There are no happy endings in classic Russian literature, just as there are no happy endings in current-day Gaza, the tightly packed sliver of land on the Mediterranean Sea where 2 million Palestinians vie for normalcy. The reality of life there is much harsher in Mosaic Theater Company’s Washington. premiere of “Ulysses on Bottles,” a compact play that offers the smallest of glimpses into life that is hardly bearable on the Palestinian side of the border, and a life of nearly ignorant bliss on the Israeli side.
The first entry into the 16th year of Mosaic’s Voices from a Changing Middle East Festival, “Ulysses” runs through June 11 at the Atlas Performing Arts Center. Ulysses, an unofficial moniker for an unnamed Palestinian, finds himself in an Israeli jail after an outlandish attempt to build a raft of plastic water bottles and set sail to Gaza where he intended to deliver boxes of Russian literature — Dostoyevsky, Tolstoy, Gogol, Bulgakov.
Israeli playwright Gilad Evron penned the work after one of his sons refused to serve in the army and was jailed. When Evron tried to bring his son books — Russian literary classics — the prison prohibited it. In 2012, the piece received the Israel Theater Prize for best original play; its American debut came three years later.
Director Serge Seiden, Mosaic’s managing director/producer, homes in on individuals in this character-driven play, eschewing clutter on Frida Shoham’s spare stage, colorless and adorned with just a few chairs, a pair of desks and translucent barriers. There the discomfitting story unfolds in 80 minutes, getting to some ugly truths about ideology, privilege and persecution that have infiltrated Israeli society as the occupation of Gaza and the West Bank has become the status quo.
Izakov, Ulysses’ Jewish lawyer, proposes the simplest solution to get his client out of jail: agree to never enter Gaza again. An insanity plea is another option. The failed literature teacher, though, refuses both, declaring himself both sane and unrepentant. What could possibly be a problem with shipping in Russian novels, short stories and poems to the populace of Gaza? The answer comes from Israeli government functionary Seinfeld: “So they don’t get the idea that life could be better.”
Seinfeld, a sinister Sarah Marshall, spouts statistics and projections to Izakov about the future of this closed enclave abutting Israel. The doomsday predictions are clear for Gaza, but for Seinfeld — and Izakov — it’s merely maps and charts, Lego pieces and graphs to represent the looming population explosion and attendant epidemics, famines, illiteracy.
An outlandish subplot involves Izakov’s wife, Eden, and her bizarre request that her overworked husband sing wearing a pink tutu at a children’s charitable benefit. Her narcissistic behavior along with junior partner Horesh’s shady dealings, suggest that Israelis live their lives with little to no thought about the hard problems Gazans face.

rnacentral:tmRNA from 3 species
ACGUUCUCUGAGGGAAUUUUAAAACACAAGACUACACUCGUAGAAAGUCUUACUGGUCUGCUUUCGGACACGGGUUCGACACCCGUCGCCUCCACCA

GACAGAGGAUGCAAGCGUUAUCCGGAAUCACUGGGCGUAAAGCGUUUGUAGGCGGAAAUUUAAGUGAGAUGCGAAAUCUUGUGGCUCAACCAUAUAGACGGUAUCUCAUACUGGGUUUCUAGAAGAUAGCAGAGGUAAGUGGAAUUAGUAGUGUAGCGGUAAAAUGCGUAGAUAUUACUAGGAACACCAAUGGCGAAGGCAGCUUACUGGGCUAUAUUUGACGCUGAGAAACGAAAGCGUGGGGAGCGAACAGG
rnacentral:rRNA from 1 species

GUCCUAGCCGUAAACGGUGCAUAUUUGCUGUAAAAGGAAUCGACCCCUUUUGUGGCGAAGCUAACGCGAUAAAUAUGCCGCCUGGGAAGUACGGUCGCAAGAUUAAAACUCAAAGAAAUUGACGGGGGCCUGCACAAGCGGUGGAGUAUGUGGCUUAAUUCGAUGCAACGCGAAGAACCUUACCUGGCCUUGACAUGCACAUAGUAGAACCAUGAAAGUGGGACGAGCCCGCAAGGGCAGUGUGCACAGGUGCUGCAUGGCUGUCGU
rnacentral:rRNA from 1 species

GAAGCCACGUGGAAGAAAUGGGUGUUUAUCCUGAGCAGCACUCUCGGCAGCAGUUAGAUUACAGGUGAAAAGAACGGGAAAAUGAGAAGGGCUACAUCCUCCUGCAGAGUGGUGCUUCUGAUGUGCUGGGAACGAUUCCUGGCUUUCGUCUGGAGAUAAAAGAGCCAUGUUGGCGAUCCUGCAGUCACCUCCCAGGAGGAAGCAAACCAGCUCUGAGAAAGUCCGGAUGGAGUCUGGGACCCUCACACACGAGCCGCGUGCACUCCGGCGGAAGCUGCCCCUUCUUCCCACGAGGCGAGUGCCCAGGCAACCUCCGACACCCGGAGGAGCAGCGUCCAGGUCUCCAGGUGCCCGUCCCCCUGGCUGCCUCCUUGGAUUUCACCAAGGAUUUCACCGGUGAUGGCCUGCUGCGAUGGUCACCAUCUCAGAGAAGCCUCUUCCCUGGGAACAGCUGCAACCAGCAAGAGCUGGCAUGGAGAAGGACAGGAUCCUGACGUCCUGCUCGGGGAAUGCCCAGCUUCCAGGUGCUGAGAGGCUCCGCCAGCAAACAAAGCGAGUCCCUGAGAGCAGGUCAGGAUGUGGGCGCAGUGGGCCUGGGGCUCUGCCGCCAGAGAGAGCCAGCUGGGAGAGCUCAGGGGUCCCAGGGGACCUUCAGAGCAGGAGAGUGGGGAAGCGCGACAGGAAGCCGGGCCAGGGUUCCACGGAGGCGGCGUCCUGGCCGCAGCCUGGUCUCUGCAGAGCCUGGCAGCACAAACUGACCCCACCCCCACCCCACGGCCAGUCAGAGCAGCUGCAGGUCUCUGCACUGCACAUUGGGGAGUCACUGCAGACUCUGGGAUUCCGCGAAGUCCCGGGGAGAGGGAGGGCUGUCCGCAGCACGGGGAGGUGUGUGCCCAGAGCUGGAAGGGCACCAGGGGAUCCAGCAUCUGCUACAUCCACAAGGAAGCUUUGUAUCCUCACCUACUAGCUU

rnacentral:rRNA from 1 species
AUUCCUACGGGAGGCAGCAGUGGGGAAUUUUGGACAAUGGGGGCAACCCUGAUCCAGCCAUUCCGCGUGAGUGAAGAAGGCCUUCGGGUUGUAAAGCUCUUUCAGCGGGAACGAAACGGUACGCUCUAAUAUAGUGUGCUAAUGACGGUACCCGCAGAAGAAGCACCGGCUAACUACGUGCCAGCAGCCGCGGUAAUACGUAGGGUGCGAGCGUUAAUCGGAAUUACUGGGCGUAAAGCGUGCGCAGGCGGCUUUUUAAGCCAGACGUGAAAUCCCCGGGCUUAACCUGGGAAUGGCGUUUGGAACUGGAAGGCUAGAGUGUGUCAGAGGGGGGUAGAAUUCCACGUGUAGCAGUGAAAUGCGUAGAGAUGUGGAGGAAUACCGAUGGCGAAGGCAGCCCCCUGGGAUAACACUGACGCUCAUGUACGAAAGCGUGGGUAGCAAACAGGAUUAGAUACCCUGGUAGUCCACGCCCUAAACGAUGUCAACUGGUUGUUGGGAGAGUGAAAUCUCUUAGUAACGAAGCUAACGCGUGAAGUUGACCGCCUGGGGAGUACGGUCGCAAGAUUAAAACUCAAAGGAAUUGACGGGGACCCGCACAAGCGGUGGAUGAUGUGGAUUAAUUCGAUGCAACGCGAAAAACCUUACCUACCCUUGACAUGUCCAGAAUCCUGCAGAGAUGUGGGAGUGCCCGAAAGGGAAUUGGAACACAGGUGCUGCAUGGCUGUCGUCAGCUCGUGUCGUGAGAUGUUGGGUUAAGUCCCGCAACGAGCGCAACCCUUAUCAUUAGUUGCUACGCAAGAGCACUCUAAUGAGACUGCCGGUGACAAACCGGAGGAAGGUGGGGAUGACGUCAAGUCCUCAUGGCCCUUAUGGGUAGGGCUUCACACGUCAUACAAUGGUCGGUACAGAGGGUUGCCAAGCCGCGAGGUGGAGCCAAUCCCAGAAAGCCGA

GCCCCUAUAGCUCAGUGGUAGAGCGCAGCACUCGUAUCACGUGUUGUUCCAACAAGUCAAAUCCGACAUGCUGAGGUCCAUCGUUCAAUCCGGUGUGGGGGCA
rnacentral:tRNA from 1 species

Izakov (Matthew Boston) is a practical man who knows and respects the law to a fault, but Boston allows him to grow as the relationship between client and lawyer deepens. First it’s a candy bar, then a promise that he’ll lobby for better conditions, as Izakov becomes more attached to his at-times frustrating client.
Michael Kevin Darnall’s Ulysses is the poet at the center of the piece and each time he waxes eloquent, quoting or paraphrasing passages from his beloved Russian authors, the harsh prison lights dim and background music rises, while his posture and voice change. Literature and its remembrance becomes his savior in the stark prison. It’s as if Ulysses is channeling his namesake, the original journeyman and seafarer, better known as Odysseus. He serves as the moral stakeholder in a piece where the crime of promoting literature has become a life sentence. That Ulysses is willing to live and sacrifice his freedom for his convictions so frustrates his lawyer that Izakov scoffs, “Who even reads anymore? The theaters are empty. There are no protest movements … stop being a parody.”
Izakov’s truth is that of a cynic. Horesh’s and Eden’s truths are personal gain. Ulysses’ truth is that of a poet, one whose hopes and dreams are to open hearts and minds of an oppressed people. Books apparently are seen as the enemy by Seinfeld, who represents Israeli society, a shocking conclusion for a state founded by the people of the book, who hold literature and discourse in such high regard.
“Ulysses on Bottles” is a daring and hard-edged allegory written for a nation where both nothing and everything are black and white, good and evil, friend and foe. It unmasks some difficult and uncomfortable truths about the Israeli occupation in Gaza. And Evron provides no answers, just a case study in how to not just look at, but see the other. And that makes this a must for those interested in the Israeli-Palestinian conflict, no matter where one stands on the political spectrum.
In fact – aside from Izakov, who evolves — the Israeli characters come off as unforgiving, intolerant, hateful – which will, undoubtedly, make audiences uncomfortable.
Evron died earlier this year at 61 — but his play poses tough questions of his Israeli compatriots. There is no justice for the literature-loving poet Ulysses and, sadly, no peace for either side in this ongoing conflict.
“Ulysses on Bottles,” by Gilad Evron, through June 11, Mosaic Theater Company at the Atlas Performing Arts Center, 1333 H St. NE, Washington; tickets $40-$60; call 202-399-7993, ext. 2, or visit mosaictheater.org.